E-commerce shifts the cross-border shopping frenzy from in-store to online

Posted by Knowlton Thomas

Don't forget about us, eh?

And they haven't. With few Canadians willing to cross the border in this snowy weather, U.S. retailers are luring Northern shoppers to their stores online instead.

E-commerce seems made for Christmas: avoid the ice and snow. Avoid the clogged traffic and jammed parking lots. Avoid the aggressive fat lady fighting you for the last Burberry scarf. Avoid the line-ups that stretch to the store's bathrooms - or is that the bathroom line-up? It's too busy to even tell.

Indeed, while Christmas is many people's favourite time of year, it certainly isn't so for shopping. But e-commerce changes that. The problem has been, of course, that Canada has been woefully neglected; many large retailers don't ship to Canada, or only do for exorbitant premiums.

With Canada's loonie hovering near parity, it's the perfect time to take advantage of U.S. retailer's lower prices, seasonal discounts, and increasingly North-friendly shipping options.

An Ispos Reid survey conducted recently found that 80 percent of online shoppers say the ability to ship purchases hassl- free would increase their likelihood of shopping at American websites.

U.S. retailers have listened, with more now shipping to Canada.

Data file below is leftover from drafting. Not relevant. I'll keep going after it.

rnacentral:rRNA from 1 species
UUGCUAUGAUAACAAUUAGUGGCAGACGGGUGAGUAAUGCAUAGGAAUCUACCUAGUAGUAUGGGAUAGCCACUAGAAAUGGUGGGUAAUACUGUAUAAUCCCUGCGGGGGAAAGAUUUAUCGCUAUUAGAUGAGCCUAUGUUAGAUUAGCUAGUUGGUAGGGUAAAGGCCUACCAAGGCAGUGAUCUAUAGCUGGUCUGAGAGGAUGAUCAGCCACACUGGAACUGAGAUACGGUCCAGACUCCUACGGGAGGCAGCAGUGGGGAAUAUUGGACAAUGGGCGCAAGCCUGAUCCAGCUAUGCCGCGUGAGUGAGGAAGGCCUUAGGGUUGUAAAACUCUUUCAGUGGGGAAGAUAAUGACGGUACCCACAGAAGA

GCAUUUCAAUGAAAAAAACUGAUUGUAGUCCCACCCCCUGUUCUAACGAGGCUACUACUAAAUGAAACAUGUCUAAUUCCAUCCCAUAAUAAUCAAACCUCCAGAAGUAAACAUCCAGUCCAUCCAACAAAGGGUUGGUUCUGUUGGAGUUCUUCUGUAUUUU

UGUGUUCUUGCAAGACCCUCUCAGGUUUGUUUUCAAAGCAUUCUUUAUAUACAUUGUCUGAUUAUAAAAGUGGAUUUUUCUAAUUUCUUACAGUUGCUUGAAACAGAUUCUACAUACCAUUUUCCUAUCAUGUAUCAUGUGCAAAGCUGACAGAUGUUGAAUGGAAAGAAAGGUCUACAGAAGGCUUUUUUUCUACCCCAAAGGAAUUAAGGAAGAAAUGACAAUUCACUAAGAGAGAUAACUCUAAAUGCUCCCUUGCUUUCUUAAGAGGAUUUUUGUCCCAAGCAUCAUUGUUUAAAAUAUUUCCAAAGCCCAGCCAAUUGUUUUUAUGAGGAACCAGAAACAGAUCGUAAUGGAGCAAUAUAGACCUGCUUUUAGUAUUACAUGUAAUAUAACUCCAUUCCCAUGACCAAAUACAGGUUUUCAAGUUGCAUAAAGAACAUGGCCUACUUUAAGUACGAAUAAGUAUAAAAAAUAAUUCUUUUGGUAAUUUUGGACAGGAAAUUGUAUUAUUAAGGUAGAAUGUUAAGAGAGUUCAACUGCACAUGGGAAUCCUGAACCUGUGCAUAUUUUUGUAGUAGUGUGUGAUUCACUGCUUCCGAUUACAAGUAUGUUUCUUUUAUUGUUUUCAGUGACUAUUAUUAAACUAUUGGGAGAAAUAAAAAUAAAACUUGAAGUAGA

And for those must-have items from U.S.-only sites, there is still a solution: Visa has partnered with Borderlinx, an e-commerce solutions company that is allowing Canadians to shop at any retailer in the U.S. and have their purchases shipped across the border. Borderlinx also provides a calculator that estimates the entire cost (taxes, duties, currency conversion, and shipping costs) of the purchase before it's final. For even further savings and convenience, purchases from separate websites can be consolidated by Borderlinx into one shipment.

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Knowlton Thomas

Knowlton Thomas

Knowlton is the managing editor of Techvibes. Based in Vancouver, Knowlton has been published in national publications and has also appeared on television and radio. Previously he was an editor for New Westminster weekly The Other Press and served on its board of directors. When not working, Knowlton enjoys playing tennis, hiking, and exploring weird side streets. more




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